The magazine publishes interviews the first of, with Gerhard Schröder, former German premier. In 2006, Dagmar Herzog featured her significant study on sexuality and morality, their relation to German fascism in the monthly. In December 2015 the magazine named the Russian President Vladimir Putin as the Man of the Year; the target audience of Cicero is German intellectuals looking for wider range of political views. The political stance of Cicero is liberal-conservative; the magazine's editing department was raided by the agents from federal criminal police office and searched by the public prosecutors of Potsdam on 12 September 2005 following its publication of a portrait of the Jordanian terrorist Abu Musab Zarqawi in April 2005. The incident was called "Cicero affair"; the German Supreme Court in Karlsruhe decided in February 2007 that the raid by the agents had been unconstitutional. List of magazines in Germany Official website

Belle (Patrick Fiori, Daniel Lavoie and Garou song)

"Belle" is a 1997 song performed by the Francophone singers Patrick Fiori, Daniel Lavoie and Garou, from the musical Notre-Dame de Paris. Released as a single in 1998, it was a hit in France and Belgium, topping the charts for many months. To date, the song is one of the best-selling singles of all time in these countries; as for the songs from the musical, the text was written by Luc Plamondon, who had written the musical Starmania in 1978, the music composed by Richard Cocciante. The musical arrangements were made by Richard Cocciante, Jannick Top and Serge Perathoner who worked on the musical direction. "Belle" is a romantic song in which the three singers, who portrayed Quasimodo and Phoebus, reveal in turn their love for the gypsy Esmeralda, before singing together the last verse. The theme of the song is based in Victor Hugo's novel Notre Dame de Paris. In chapter VI of the Eighth book "Trois coeurs d'homme faits différemment", Frollo et Quasimodo watch Esmeralda, sentenced to death. Phoebus is with his fiancée and though he pales when seeing Esmerelda proving he has feelings for her, he stays with his Fleur-de-Lys.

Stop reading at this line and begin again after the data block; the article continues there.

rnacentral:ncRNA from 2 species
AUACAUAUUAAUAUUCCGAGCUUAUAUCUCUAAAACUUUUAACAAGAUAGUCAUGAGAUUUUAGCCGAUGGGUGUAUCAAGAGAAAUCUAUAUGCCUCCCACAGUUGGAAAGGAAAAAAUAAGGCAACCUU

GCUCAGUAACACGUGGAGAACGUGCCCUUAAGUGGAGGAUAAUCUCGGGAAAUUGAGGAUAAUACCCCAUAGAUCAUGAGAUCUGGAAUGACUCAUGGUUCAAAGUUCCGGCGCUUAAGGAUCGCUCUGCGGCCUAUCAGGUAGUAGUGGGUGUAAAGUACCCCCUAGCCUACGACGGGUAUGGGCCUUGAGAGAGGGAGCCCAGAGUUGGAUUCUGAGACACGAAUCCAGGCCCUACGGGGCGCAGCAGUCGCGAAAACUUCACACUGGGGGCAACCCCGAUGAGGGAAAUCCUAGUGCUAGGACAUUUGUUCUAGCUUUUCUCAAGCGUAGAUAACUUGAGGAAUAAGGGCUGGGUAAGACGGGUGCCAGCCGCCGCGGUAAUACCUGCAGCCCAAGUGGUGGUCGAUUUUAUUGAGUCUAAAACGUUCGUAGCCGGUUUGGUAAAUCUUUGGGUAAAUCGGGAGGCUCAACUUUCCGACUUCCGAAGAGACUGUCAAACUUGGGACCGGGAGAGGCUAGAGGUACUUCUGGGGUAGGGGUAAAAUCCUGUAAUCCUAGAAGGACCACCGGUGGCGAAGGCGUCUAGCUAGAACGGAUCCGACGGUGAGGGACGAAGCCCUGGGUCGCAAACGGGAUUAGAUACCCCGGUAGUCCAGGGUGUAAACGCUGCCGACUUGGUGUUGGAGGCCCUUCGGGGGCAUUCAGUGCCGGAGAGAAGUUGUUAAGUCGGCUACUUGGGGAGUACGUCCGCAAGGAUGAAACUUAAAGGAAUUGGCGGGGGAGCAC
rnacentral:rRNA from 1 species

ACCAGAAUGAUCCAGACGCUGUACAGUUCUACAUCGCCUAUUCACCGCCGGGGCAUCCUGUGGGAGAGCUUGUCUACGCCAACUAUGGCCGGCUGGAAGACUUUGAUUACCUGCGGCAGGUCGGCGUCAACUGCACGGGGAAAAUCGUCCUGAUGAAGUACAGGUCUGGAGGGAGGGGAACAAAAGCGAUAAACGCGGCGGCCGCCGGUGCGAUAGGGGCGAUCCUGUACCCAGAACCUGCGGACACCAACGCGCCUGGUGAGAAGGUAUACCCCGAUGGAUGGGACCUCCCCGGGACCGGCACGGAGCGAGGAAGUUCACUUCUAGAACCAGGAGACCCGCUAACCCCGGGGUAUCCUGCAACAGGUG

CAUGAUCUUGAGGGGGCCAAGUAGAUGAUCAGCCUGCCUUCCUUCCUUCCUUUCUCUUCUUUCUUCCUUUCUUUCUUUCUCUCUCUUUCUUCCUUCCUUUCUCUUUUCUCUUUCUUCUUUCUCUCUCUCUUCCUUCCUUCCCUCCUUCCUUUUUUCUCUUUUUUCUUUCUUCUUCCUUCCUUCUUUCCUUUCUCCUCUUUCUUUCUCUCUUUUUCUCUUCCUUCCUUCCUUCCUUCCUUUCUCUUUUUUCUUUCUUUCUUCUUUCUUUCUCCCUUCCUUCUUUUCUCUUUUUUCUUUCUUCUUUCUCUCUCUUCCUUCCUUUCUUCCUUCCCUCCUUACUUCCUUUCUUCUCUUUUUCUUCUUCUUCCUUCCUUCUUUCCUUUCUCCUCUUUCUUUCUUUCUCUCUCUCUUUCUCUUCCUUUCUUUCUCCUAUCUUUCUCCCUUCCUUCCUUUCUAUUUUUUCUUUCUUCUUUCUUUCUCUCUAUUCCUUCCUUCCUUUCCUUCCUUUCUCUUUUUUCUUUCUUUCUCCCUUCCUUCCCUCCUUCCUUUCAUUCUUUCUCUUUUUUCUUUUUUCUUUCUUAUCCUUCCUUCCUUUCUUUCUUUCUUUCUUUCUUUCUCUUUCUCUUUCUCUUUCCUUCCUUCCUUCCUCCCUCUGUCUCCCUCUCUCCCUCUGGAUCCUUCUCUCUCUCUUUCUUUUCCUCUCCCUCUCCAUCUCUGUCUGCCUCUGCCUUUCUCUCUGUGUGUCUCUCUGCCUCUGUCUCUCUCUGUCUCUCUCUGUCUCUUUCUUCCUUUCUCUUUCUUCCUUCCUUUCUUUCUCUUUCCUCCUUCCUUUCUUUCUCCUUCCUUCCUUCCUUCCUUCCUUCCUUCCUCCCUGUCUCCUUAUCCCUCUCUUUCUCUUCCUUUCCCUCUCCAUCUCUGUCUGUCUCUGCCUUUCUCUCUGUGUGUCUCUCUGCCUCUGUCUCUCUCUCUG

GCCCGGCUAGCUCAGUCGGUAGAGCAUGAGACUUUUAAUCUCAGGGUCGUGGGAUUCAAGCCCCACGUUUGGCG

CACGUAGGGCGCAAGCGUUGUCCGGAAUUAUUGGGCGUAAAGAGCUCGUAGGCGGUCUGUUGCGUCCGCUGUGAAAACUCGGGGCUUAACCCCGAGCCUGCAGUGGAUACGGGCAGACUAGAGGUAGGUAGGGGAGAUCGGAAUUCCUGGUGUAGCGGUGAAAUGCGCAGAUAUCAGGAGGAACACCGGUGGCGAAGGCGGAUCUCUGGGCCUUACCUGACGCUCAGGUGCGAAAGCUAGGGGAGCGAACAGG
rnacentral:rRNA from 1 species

Frollo is trying once again to propose Esmeralda a salvation, but in return he wants her to become his woman. And Quasimodo selflessly saves Esmeralda from death, only because of his enormous love for her. Since its debut, it has been professionally played in Belgium, China, Italy, Lebanon, Russia, South Korea, Switzerland, Turkey, United Kingdom and United States, has been translated into seven languages; the song has thus been adapted in these six languages, but several covers have been made in various languages. The English-language version of the song, recorded by Steve Balsamo and Daniel Lavoie, is available on Notre Dame de Paris - Version anglaise; the song was charted on the French Singles Chart for 60 weeks, to date the second single with most total weeks in the Top 100, the first one in the top 50, with 49 weeks. It entered the chart at #96 on 9 May 1998, climbed reaching number one in its 18th week, one of the slowest climbs to first place, it was the first trio to reach #1 on this chart.